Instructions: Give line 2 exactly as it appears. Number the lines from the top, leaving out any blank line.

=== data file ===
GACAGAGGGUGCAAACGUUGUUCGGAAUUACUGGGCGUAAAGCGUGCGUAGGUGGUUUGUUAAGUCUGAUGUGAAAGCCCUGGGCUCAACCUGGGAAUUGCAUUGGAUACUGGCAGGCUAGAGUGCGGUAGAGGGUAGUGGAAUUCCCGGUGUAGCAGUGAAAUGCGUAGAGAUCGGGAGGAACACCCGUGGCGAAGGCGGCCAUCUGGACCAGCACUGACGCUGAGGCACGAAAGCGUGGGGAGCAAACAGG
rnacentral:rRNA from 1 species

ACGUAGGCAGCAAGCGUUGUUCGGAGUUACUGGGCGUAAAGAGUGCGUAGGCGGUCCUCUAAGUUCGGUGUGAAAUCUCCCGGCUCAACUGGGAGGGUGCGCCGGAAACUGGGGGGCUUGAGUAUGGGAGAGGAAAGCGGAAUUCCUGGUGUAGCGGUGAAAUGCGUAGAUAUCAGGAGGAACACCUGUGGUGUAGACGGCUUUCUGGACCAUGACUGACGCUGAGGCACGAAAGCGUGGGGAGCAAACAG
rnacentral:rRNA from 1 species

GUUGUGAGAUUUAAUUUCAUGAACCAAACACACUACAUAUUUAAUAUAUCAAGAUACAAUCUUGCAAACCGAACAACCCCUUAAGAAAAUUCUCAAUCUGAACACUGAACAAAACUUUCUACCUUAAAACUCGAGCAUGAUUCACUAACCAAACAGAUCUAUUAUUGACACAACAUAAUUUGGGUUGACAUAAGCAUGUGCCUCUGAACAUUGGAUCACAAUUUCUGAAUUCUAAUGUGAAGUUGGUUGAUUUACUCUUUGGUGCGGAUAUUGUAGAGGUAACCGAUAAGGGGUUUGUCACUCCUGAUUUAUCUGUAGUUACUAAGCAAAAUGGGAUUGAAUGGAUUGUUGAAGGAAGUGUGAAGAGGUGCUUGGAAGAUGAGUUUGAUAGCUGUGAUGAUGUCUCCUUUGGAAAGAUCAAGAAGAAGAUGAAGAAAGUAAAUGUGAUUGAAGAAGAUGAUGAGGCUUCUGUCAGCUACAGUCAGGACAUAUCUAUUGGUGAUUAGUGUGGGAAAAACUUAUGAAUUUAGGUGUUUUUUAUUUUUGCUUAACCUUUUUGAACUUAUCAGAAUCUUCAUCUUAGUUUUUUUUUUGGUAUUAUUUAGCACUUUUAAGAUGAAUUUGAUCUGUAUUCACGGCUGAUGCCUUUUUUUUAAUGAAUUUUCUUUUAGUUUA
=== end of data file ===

rnacentral:rRNA from 1 species